Under the new provision, EU can impose fine up to 2% of global annual turnover of a company for not complying.
The European Parliament has backed a proposal to reform the data protection rules, with 621 votes in favour, 10 against and 22 abstentations.
Under the new rules, changes will ensure people have more control over what happens to their personal data, and make it easier for businesses to operate within the EU.
The proposals include a right to be forgotten, which would allow citizens to erase their data from companies’ computer systems and the right to data portability, which would allow citizens to relocate their personal data between service providers.
The proposals would also allow businesses and organisations to seek permission from individuals prior to accessing their data and install data protection safeguards in their products and services from the initial development stage.
EU Justice Commissioner Viviane Reding said: "Europe’s directly elected parliamentarians have listened to European citizens and European businesses and, with this vote, have made clear that we need a uniform and strong European data protection law, which will make life easier for business and strengthen the protection of our citizens.
"Data Protection is made in Europe. Strong data protection rules must be Europe’s trade mark. Following the U.S. data spying scandals, data protection is more than ever a competitive advantage.
"Today’s vote is the strongest signal that it is time to deliver this reform for our citizens and our businesses."
The reform could help the digital single market realise the value of individuals’ personal data, which is anticipated to reach €1 trillion per by 2020.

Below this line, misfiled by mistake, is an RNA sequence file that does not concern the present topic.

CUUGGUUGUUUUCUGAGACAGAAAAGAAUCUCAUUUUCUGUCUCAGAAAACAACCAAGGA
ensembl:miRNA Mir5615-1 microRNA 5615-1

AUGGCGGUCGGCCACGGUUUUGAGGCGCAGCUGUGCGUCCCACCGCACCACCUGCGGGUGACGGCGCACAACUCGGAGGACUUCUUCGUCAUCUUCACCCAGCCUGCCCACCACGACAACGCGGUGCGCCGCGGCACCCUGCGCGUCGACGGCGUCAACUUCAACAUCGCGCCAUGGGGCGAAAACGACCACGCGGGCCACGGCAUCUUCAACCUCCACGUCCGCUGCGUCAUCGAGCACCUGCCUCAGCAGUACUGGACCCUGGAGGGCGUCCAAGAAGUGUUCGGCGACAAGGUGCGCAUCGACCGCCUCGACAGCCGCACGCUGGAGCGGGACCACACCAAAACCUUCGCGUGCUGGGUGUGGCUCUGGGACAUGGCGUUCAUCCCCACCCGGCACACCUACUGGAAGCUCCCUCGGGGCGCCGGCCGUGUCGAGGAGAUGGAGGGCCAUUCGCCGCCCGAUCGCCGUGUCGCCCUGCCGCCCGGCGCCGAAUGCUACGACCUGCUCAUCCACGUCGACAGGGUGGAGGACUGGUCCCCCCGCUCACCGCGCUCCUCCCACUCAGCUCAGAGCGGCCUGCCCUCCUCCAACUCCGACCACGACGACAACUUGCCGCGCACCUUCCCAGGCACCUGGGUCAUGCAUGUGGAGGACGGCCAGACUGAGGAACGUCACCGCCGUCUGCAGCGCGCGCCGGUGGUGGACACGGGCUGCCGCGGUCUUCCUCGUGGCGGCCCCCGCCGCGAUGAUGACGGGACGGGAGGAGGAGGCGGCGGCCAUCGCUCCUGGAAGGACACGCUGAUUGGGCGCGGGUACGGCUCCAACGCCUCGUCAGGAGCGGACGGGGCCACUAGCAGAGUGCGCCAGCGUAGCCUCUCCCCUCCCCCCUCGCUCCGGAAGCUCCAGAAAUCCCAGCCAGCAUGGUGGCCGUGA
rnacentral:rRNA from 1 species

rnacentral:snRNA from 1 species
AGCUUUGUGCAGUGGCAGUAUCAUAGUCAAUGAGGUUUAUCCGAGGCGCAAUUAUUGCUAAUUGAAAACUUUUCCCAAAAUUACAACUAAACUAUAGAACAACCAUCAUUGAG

European Consumer Organisation (BEUC) director general Monique Goyens said: "Most people are entirely unaware that their rights are being violated when online due to what are now everyday business practises.
"Those who are aware have negligible ability to control how this data on their daily lives, buying behaviour, social media use, political views, hobbies, financial data and health records is collected and processed.
"That awareness and control need to be handed back."
Pressing the importance of personal data protection as established fundamental right in Europe, Goyens added that it must not be influenced by the commercial acquisition, processing, retention and sale of personal data, apart from where it crops up.
"MEPs have dealt with the matter seriously and have voted for legal protections which are robust and appropriate," Goyens said.
"The challenge now is to ensure the substantial amount of work is not unravelled by national government representatives in the Council or in the face of transatlantic pressure."